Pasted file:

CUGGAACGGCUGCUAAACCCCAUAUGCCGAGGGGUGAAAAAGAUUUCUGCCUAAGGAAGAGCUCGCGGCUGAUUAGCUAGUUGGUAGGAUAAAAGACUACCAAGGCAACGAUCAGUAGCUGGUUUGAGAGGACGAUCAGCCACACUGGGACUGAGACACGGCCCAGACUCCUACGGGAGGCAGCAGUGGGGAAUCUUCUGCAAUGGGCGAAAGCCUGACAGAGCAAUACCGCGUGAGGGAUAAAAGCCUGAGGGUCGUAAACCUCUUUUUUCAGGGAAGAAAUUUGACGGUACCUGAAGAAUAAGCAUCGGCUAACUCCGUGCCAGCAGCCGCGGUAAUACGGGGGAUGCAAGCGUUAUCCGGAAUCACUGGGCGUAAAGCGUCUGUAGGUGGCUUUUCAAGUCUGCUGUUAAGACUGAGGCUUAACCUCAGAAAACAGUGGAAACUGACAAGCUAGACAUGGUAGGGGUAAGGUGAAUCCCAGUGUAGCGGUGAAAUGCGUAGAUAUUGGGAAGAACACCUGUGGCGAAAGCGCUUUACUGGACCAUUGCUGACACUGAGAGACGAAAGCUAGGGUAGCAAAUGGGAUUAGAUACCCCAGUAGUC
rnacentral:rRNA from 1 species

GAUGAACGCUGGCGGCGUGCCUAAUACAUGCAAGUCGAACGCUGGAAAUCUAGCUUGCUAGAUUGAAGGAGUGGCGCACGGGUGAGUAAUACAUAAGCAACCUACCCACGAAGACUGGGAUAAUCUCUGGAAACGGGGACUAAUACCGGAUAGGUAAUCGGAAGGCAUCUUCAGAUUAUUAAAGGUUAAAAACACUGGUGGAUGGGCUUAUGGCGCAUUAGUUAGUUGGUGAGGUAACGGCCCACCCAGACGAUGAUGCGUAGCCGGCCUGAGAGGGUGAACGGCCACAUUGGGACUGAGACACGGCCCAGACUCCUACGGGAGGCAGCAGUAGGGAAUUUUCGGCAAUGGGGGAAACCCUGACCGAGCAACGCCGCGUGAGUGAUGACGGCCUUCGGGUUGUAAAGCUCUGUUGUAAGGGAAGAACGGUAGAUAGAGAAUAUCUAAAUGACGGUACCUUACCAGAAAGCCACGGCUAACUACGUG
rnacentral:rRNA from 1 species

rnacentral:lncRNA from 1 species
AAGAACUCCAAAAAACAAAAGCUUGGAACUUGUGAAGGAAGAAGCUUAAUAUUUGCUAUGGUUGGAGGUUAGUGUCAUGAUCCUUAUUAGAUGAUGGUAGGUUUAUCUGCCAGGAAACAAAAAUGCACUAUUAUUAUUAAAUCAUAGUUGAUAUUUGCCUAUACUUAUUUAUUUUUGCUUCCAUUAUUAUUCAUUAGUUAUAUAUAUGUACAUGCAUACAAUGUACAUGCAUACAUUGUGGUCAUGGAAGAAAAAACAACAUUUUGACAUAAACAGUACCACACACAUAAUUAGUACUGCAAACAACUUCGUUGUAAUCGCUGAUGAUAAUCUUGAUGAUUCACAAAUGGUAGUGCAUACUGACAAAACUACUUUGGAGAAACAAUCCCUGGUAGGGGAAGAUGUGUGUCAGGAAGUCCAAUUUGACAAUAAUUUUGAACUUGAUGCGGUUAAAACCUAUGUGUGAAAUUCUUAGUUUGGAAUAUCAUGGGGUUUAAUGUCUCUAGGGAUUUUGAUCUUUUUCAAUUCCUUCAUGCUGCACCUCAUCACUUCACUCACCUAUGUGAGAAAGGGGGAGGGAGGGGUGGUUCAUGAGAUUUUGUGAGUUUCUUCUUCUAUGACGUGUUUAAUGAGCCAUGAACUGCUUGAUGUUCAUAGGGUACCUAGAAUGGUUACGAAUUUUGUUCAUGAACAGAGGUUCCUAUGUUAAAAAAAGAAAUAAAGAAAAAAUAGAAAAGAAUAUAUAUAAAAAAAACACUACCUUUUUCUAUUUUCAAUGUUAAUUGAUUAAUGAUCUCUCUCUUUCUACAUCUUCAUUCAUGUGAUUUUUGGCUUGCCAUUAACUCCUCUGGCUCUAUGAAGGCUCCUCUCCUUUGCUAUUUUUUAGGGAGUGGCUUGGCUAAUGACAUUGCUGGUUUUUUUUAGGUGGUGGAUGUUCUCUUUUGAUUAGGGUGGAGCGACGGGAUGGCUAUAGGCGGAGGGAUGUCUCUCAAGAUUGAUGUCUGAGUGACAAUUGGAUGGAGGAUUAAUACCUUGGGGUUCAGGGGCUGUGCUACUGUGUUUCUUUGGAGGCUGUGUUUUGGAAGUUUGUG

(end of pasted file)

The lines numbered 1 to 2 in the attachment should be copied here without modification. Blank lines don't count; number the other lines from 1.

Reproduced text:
CUGGAACGGCUGCUAAACCCCAUAUGCCGAGGGGUGAAAAAGAUUUCUGCCUAAGGAAGAGCUCGCGGCUGAUUAGCUAGUUGGUAGGAUAAAAGACUACCAAGGCAACGAUCAGUAGCUGGUUUGAGAGGACGAUCAGCCACACUGGGACUGAGACACGGCCCAGACUCCUACGGGAGGCAGCAGUGGGGAAUCUUCUGCAAUGGGCGAAAGCCUGACAGAGCAAUACCGCGUGAGGGAUAAAAGCCUGAGGGUCGUAAACCUCUUUUUUCAGGGAAGAAAUUUGACGGUACCUGAAGAAUAAGCAUCGGCUAACUCCGUGCCAGCAGCCGCGGUAAUACGGGGGAUGCAAGCGUUAUCCGGAAUCACUGGGCGUAAAGCGUCUGUAGGUGGCUUUUCAAGUCUGCUGUUAAGACUGAGGCUUAACCUCAGAAAACAGUGGAAACUGACAAGCUAGACAUGGUAGGGGUAAGGUGAAUCCCAGUGUAGCGGUGAAAUGCGUAGAUAUUGGGAAGAACACCUGUGGCGAAAGCGCUUUACUGGACCAUUGCUGACACUGAGAGACGAAAGCUAGGGUAGCAAAUGGGAUUAGAUACCCCAGUAGUC
rnacentral:rRNA from 1 species